How Australian retailers can rise above flat sales

Australia’s retail sales report from the Australian Bureau of Statistics (ABS) has arrived, revealing more of the same – slow growth in retail sales – in January.

The ABS report contains trend, seasonally adjusted and original estimates for retail sales segmented by both state and industry sub group, but it’s those seasonally adjusted estimates that tend to give the clearest picture of long-term performance.

Looking at recent history, last year closed out with mixed results: a strong November was followed by a slow December as retail turnover first grew 1.3 percent then fell 0.5 percent, in seasonally adjusted terms.

Setting the scene

But January’s results typically set the tone for things to come for the rest of the year. With a seasonally adjusted estimate rise of just 0.1 percent, it’s looking like another challenging year for the local retail market.

Sales growth, or lack of it, tends to indicate consumer spending preferences. And this report indicates there’s little splashing out in any area of retail.

The strongest industry subcategory was ‘other specialised food retailing’, at 1.1 percent in seasonally adjusted terms.

“There were offsetting movements by industry with rises in other retailing (1.0 per cent), household goods retailing (0.1 per cent), and cafes, restaurants and takeaways (0.1 per cent) being offset by falls in clothing, footwear and personal accessories (-0.7 per cent) and department stores (-0.6 percent),” said Ben James, Director of Quarterly Economy Wide Surveys at the ABS. “Food retailing was relatively unchanged (0.0 per cent).”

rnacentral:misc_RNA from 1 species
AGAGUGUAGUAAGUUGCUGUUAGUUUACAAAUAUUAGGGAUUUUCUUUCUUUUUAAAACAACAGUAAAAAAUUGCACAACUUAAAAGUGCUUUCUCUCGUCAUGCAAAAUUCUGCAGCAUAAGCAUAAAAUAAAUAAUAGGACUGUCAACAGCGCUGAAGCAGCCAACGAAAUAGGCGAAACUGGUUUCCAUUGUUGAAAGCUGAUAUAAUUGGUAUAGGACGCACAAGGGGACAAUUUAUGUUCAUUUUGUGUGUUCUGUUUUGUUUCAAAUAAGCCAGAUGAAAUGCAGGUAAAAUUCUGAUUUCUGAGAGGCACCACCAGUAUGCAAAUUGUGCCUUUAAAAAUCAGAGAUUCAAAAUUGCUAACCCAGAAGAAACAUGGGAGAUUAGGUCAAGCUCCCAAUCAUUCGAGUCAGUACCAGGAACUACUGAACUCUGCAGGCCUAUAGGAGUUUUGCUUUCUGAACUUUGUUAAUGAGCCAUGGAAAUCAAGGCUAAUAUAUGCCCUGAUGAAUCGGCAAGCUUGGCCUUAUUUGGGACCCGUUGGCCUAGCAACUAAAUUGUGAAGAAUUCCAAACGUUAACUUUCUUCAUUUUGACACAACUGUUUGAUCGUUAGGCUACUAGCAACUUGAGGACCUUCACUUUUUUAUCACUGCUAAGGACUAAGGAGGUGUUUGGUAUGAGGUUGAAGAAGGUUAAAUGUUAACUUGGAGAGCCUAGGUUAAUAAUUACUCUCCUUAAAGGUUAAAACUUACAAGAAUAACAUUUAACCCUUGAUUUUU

4 ways to buck the trend

Retailers who want to stand out and buck these trends can consider a few strategies, rather than relying on the performance of individual retail subcategories to increase.

1. Consider cross-border trade

If you’re a product retailer or a services business transacting online, marketing your offering to international markets can help fund growth, if approached correctly. Take Etsy’s growth strategy, for example.

2. Employ innovative marketing strategies

Doing the same thing over and over again while expecting a different result is the definition of insanity, right? No matter what kind of retailer you are, perhaps it’s time to consider how to reach out to, or reconnect with, your audience in more novel ways.

Café owners and restaurateurs who haven’t experimented with creating their own video content, we’re looking at you.

3. Up your online game

Marketing innovation means making sure your online game is on point. No matter how large or small your retail business is, you’ll not even be able to consider any of the above suggestions without a mobile-friendly, fully functional online presence.

Smaller retailers are already finding success with online marketplaces like Amazon, eBay and Gumtree, but there are always new platforms to explore (and create) online.

Keep pushing those boundaries!

4. Tap in to customer loyalty

The retail sector is brimming with wisdom of the ages, proving that some learnings continue to hold despite significant technological disruption in recent years. An example? Marketing to and converting new customers is always more expensive than creating repeat business through customer loyalty initiatives.

Retailers who get this piece of their business right also stand to benefit from the wealth of customer data insights such programs yield.